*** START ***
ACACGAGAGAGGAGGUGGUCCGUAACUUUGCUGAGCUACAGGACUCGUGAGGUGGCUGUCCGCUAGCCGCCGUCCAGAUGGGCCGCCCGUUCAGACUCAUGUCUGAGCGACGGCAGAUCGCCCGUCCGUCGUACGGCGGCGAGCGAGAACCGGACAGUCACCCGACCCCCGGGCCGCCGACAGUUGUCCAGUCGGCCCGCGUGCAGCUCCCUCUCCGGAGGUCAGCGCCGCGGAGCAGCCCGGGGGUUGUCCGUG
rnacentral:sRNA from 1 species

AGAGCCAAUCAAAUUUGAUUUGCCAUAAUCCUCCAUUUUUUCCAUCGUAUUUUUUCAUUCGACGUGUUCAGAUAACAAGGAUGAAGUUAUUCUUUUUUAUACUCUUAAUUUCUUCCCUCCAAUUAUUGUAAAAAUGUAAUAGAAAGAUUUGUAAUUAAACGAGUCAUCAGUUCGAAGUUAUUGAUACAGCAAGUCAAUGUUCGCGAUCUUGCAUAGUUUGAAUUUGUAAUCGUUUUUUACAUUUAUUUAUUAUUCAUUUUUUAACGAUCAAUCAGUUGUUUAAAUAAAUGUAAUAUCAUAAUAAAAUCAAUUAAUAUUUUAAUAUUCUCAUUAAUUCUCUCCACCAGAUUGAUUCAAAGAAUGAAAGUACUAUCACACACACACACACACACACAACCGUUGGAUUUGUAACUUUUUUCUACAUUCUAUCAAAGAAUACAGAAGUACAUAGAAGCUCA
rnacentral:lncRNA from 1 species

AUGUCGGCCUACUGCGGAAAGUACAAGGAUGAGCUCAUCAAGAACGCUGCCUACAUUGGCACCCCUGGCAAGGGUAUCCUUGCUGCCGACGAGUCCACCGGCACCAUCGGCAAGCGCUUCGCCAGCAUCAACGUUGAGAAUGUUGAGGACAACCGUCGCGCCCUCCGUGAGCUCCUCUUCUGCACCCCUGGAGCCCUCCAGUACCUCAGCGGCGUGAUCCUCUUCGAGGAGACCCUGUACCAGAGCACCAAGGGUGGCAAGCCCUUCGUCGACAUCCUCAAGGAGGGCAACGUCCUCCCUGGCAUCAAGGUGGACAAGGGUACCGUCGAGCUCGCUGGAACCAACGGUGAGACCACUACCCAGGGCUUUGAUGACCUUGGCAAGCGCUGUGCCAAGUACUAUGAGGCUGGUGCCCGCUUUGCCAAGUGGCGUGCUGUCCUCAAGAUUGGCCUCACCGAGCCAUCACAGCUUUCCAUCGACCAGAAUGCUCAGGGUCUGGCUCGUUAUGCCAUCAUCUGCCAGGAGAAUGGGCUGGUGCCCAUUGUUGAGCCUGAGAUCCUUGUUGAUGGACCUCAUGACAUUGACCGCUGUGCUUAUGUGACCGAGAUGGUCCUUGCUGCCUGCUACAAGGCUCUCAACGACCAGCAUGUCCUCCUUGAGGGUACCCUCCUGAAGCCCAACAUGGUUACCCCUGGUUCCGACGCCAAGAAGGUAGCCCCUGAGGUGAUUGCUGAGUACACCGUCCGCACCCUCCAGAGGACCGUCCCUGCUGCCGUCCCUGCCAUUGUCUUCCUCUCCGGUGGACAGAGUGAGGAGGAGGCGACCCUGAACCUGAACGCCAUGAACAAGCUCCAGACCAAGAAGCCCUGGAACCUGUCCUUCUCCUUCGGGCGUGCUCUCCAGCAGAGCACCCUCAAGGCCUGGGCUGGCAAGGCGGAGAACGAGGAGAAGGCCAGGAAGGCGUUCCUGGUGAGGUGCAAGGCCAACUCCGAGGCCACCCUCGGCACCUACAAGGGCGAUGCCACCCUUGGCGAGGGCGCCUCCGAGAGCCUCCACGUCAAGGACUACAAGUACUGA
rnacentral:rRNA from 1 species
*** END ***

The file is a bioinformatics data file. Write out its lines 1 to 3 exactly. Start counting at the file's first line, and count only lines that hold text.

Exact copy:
ACACGAGAGAGGAGGUGGUCCGUAACUUUGCUGAGCUACAGGACUCGUGAGGUGGCUGUCCGCUAGCCGCCGUCCAGAUGGGCCGCCCGUUCAGACUCAUGUCUGAGCGACGGCAGAUCGCCCGUCCGUCGUACGGCGGCGAGCGAGAACCGGACAGUCACCCGACCCCCGGGCCGCCGACAGUUGUCCAGUCGGCCCGCGUGCAGCUCCCUCUCCGGAGGUCAGCGCCGCGGAGCAGCCCGGGGGUUGUCCGUG
rnacentral:sRNA from 1 species

AGAGCCAAUCAAAUUUGAUUUGCCAUAAUCCUCCAUUUUUUCCAUCGUAUUUUUUCAUUCGACGUGUUCAGAUAACAAGGAUGAAGUUAUUCUUUUUUAUACUCUUAAUUUCUUCCCUCCAAUUAUUGUAAAAAUGUAAUAGAAAGAUUUGUAAUUAAACGAGUCAUCAGUUCGAAGUUAUUGAUACAGCAAGUCAAUGUUCGCGAUCUUGCAUAGUUUGAAUUUGUAAUCGUUUUUUACAUUUAUUUAUUAUUCAUUUUUUAACGAUCAAUCAGUUGUUUAAAUAAAUGUAAUAUCAUAAUAAAAUCAAUUAAUAUUUUAAUAUUCUCAUUAAUUCUCUCCACCAGAUUGAUUCAAAGAAUGAAAGUACUAUCACACACACACACACACACACAACCGUUGGAUUUGUAACUUUUUUCUACAUUCUAUCAAAGAAUACAGAAGUACAUAGAAGCUCA